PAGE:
Proximally-occurring life events and the first transition from suicidal ideation to suicide attempt in adolescents

Elise Paul

Research output: Contribution to journalArticle (Academic Journal)peer-review

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Abstract

Background
Informed by diathesis-stress models of suicide risk, this paper investigated the role of proximally-occurring stressful life events in the first transition from suicidal ideation to suicide attempt in adolescence. Interactions between stressful life events and psychiatric disorders in relation to this progression were also examined.

Methods
Data are from a subsample (N = 928) of adolescents with lifetime suicidal ideation from the National Comorbidity Survey-Adolescent Supplement. Logistic regression analyses compared adolescents who had transitioned to a first suicide attempt (n = 81) in the year prior to the study to adolescents with suicidal ideation only (n = 847).

Results
Multivariate logistic regressions implicated increased risk for progression from suicidal ideation to a first suicide attempt in the presence of a recent romantic break-up as well as more recent stressful life events. However, among adolescents with suicidal ideation and either a recent romantic break-up or above-average recent stressors, neither a disruptive behavior disorder, mood disorder, nor a substance use disorder intensified the risk for progressing to a first suicide attempt.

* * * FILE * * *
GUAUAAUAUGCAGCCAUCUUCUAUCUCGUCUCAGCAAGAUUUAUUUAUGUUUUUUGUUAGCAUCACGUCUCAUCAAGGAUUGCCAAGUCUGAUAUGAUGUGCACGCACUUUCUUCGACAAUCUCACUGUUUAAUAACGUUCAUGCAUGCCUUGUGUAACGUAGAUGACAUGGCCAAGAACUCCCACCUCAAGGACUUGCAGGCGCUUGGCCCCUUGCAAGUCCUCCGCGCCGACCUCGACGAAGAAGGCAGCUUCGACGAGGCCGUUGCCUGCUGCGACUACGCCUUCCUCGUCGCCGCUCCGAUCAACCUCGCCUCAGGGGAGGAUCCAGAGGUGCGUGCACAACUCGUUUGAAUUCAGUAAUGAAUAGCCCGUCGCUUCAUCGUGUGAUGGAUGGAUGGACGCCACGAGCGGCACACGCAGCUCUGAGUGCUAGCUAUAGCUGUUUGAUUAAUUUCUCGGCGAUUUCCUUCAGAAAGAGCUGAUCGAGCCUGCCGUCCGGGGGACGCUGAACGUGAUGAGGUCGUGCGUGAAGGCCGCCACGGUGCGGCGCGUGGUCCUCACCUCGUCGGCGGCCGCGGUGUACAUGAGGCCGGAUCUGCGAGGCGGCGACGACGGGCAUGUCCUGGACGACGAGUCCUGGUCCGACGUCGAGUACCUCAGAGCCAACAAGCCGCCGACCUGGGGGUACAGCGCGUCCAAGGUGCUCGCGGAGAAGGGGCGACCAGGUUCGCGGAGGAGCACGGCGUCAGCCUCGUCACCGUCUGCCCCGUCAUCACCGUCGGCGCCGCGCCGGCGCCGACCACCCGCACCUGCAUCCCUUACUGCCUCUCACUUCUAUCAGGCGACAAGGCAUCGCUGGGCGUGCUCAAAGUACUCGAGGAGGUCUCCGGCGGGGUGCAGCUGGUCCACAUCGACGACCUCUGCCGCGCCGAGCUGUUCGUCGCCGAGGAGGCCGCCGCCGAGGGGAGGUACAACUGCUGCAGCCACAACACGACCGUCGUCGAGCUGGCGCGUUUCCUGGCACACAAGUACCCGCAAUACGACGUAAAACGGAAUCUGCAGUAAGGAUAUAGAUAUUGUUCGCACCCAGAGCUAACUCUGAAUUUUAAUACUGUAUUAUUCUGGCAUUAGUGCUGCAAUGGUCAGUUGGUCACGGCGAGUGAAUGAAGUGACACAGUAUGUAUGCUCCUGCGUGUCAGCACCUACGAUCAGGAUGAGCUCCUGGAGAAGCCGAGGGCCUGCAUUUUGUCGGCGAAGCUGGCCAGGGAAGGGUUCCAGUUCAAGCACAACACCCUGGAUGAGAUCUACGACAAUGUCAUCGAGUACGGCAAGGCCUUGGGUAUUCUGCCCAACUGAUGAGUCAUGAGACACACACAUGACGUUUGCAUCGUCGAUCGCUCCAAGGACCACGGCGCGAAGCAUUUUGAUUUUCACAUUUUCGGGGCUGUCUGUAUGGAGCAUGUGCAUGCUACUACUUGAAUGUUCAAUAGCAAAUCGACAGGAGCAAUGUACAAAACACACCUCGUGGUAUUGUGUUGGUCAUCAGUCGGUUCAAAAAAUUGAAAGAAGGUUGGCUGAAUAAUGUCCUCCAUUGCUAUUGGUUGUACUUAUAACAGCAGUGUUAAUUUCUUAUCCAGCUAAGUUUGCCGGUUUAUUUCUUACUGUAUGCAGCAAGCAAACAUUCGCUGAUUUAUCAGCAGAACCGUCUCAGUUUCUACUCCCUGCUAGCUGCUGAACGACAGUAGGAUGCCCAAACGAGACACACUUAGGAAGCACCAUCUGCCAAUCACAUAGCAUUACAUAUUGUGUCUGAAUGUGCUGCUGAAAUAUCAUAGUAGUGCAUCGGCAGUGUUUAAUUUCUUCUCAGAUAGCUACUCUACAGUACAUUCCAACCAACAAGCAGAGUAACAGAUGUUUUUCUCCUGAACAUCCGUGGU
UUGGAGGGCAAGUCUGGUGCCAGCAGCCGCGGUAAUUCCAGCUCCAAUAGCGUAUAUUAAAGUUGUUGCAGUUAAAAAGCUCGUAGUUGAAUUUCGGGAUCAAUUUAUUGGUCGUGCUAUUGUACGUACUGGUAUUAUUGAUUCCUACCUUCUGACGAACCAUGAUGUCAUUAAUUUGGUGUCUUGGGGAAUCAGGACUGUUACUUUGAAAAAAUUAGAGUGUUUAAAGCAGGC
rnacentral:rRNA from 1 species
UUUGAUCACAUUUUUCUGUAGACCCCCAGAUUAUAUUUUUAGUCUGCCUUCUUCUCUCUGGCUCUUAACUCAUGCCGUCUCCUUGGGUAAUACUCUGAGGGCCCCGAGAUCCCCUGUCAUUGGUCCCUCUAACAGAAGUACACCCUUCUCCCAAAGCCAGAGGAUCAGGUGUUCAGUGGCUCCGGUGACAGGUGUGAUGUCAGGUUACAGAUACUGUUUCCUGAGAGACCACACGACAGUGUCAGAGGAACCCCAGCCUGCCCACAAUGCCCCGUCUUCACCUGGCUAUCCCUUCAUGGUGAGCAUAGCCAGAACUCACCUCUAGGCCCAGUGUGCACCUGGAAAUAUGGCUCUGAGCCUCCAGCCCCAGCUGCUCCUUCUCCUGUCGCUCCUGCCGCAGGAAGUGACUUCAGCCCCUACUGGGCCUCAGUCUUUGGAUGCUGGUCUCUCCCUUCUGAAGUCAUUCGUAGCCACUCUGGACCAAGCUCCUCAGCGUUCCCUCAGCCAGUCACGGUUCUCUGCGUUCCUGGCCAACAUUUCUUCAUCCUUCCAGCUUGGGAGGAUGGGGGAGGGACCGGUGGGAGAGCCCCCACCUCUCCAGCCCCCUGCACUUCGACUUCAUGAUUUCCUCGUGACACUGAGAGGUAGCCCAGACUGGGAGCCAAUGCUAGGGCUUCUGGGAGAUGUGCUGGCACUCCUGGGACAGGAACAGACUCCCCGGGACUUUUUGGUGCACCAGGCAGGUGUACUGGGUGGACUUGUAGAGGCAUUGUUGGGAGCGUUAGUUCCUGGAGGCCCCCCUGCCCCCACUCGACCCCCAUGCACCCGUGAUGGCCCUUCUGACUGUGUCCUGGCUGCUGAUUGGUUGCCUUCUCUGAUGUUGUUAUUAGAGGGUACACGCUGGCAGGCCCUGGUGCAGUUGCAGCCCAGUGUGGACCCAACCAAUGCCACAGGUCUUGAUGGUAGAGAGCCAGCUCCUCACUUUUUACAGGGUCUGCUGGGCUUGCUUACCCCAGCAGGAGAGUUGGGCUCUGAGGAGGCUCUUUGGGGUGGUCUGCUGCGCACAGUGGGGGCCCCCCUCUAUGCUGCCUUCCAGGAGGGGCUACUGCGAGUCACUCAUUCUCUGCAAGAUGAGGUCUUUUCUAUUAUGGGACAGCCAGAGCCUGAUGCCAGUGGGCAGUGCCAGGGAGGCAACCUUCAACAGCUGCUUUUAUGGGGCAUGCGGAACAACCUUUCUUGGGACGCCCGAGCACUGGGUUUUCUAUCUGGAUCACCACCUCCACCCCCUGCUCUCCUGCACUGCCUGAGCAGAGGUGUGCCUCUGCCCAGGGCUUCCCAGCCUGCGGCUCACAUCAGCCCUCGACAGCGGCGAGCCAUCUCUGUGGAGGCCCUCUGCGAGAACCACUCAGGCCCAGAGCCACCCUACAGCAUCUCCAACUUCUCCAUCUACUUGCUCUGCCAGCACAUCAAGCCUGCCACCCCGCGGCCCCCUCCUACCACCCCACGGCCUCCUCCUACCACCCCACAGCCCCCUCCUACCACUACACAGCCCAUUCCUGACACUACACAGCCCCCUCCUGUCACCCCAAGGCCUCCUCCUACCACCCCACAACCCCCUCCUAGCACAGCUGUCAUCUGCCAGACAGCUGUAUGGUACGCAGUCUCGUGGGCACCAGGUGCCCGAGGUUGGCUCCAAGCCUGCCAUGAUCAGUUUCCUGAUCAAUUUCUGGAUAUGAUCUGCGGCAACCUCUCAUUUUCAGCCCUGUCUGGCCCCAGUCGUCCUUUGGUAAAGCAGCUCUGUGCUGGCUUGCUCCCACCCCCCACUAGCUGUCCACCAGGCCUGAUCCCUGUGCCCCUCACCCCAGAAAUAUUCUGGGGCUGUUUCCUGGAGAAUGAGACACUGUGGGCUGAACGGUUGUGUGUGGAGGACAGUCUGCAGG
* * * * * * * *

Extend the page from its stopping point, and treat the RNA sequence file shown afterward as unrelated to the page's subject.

Limitations
Analyses are cross-sectional and therefore limit causal inferences.

Conclusions
Findings underscore the importance of comprehensive suicide risk evaluations that consider proximally-occurring interpersonal stressors which may influence the first transition from thinking about suicide to acting in adolescence.
Original languageEnglish
Pages (from-to)499-504
Number of pages6
JournalJournal of Affective Disorders
Volume241
Early online date14 Aug 2018
DOIs
Publication statusPublished - 1 Dec 2018

Keywords

  • Adolescence
  • Interpersonal conflict
  • Suicidal ideation
  • Suicide attempt

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